·         Holding: No. The knowledge and appreciation of a risk, short of substantial certainty, is not the equivalent of intent.

Ranson v. Kitner
·         Issue: Hunting dude shoots someone’s dog instead of a wolf. Liable?
·         Holding: Yes, we want to punish the mistaken bastard.
o       Consequences – it is in terms of consequences that actions are assessed. Mistake is no defense because consequences are the same.

McGuire v. Almy
·         Issue: Insane patient injures nurse. Was there intent?
·         Holding: Yes, we want to punish the insane bastard. Insanity is not a defense in civil cases because he or she has desired to inflict harm upon another person.

Talmage v. Smith
·         Issue: Man throws stick at boy on his shed; hits another kid instead. 
·         Holding: Transferred intent (the fiction) – legally, the intent that P Smith had to harm kid Smith was transferred to Talmage. This is contrary to absolute fact, but at least he still gets compensated.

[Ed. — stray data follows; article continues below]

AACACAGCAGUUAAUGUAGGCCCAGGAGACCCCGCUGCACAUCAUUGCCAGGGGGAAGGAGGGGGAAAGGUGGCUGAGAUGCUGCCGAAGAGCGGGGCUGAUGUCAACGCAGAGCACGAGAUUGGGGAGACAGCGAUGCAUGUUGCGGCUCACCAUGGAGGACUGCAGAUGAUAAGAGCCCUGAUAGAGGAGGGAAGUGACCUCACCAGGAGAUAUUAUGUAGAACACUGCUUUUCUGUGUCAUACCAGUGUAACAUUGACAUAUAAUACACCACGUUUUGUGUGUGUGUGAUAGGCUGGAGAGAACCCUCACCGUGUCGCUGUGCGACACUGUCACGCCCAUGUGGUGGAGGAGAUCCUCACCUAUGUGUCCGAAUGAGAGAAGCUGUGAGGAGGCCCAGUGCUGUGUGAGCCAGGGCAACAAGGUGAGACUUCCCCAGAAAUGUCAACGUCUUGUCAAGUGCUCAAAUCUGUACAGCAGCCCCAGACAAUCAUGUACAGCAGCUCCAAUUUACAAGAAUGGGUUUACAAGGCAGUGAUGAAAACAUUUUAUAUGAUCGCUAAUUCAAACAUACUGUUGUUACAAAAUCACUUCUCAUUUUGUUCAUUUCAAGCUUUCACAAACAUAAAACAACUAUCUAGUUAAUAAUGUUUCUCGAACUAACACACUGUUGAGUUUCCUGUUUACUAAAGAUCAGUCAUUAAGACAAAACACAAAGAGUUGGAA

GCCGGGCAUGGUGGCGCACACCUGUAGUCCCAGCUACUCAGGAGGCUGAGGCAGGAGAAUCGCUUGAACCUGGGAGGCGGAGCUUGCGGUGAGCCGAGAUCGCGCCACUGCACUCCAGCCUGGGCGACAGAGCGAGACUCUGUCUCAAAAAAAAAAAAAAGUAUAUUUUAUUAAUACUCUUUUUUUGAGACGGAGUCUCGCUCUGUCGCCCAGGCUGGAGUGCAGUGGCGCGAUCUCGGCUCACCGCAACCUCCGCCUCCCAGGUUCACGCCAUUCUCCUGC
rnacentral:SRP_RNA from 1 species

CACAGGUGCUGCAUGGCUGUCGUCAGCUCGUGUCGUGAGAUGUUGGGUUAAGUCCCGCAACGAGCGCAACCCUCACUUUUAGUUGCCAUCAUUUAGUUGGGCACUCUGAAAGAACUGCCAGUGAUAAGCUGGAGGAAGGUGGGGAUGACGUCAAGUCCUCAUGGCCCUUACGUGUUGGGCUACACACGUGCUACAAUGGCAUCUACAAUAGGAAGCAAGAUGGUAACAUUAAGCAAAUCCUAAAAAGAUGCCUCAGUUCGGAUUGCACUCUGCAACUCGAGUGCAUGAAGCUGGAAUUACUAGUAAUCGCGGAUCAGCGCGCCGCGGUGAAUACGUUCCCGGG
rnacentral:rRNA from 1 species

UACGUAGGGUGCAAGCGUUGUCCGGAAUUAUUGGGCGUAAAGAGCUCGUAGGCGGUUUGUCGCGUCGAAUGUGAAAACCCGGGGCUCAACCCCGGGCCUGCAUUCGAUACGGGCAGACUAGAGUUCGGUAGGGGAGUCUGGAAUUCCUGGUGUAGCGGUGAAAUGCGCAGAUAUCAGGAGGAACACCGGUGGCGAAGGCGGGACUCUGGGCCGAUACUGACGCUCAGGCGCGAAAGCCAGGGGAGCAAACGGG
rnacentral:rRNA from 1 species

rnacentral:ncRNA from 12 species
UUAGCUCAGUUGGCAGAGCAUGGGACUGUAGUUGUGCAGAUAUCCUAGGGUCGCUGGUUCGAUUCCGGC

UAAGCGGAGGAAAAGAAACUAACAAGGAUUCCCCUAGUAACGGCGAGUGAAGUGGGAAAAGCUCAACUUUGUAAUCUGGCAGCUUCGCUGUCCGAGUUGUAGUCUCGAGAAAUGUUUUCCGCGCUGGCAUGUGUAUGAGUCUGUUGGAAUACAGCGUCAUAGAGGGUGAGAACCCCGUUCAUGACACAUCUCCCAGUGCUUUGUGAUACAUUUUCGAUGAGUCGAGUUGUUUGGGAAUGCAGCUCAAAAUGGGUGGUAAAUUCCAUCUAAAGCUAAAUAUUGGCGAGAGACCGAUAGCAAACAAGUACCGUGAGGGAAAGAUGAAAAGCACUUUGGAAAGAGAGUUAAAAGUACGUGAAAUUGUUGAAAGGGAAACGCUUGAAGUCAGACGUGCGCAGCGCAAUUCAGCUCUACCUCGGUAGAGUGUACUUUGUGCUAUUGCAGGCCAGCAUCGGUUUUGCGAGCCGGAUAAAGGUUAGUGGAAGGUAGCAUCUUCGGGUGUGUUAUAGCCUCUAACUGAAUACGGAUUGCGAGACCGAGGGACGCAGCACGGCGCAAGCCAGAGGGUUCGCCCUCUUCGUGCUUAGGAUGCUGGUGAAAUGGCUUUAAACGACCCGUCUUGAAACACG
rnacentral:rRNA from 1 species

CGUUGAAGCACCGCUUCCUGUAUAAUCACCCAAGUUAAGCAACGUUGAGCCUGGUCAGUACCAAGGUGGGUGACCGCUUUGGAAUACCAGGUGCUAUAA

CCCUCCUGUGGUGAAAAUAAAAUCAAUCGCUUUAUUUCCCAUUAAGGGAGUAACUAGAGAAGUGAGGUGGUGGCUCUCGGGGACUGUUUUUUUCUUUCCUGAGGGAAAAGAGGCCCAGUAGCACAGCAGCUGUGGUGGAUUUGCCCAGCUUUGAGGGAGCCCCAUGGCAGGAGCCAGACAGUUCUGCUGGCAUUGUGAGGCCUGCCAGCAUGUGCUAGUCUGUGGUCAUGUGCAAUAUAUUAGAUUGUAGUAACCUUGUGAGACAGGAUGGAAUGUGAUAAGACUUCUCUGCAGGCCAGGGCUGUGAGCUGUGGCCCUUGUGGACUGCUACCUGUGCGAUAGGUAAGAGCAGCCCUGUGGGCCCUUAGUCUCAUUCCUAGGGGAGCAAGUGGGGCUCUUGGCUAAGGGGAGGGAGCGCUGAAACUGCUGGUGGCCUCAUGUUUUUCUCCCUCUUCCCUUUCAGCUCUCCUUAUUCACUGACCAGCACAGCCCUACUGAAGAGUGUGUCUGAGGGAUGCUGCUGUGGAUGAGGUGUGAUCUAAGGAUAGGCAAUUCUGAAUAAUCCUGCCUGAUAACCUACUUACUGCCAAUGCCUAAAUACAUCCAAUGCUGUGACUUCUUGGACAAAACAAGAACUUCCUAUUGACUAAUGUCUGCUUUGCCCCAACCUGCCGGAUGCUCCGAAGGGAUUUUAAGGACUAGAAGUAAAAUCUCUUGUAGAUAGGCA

W.Va. case: Lambert v. Brewster
·         Issue: Pregnant woman standing on a balcony watches her father in a fight; miscarriage results.
·         Holding: Yes, this is transferred intent. Fashion a rule by adopting a typical judicial, legal, lawyer type statement of a rule. The rule may be stated as a factoring test or an element test rule doing the same thing.
o       Elements in Lambert
§         Physical harm, ∏ was present, Direct sensory impression, Family
§         Intent will be transferred when all of these elements are satisfied. 
o       Factoring test: Investigate the strength or weakness of each element.

R.S.T. §18-20 – Actor is subject to liability for battery if a.) he acts intending to cause a harmful or offensive contact…or an imminent apprehension of such a contact.

Cole v. Turner (1704)
·         Issue: States ancient rules of battery
·         Holding: Battery is harmful contact. This is contact which is invasive and invades the integrity of the human body. Wounds, bullets, knives, sticks   OR   is disruptive to the physical integrity of the body (bruises, etc).

Fisher v. Carrousel Motor Hotel, Inc. (1967)
·         Issue: Plate knocked out of a black man’s hand, racial slurs. Battery?
·         Holding: Yes. A bodily contact is offensive if it offends a reasonable sense of personal dignity.

W.Va. Criss v. Criss
·         Issue: Wife sued estranged husband for recovery of damages for rape; no medical evidence; ∏ said she was frightened and emotionally distressed.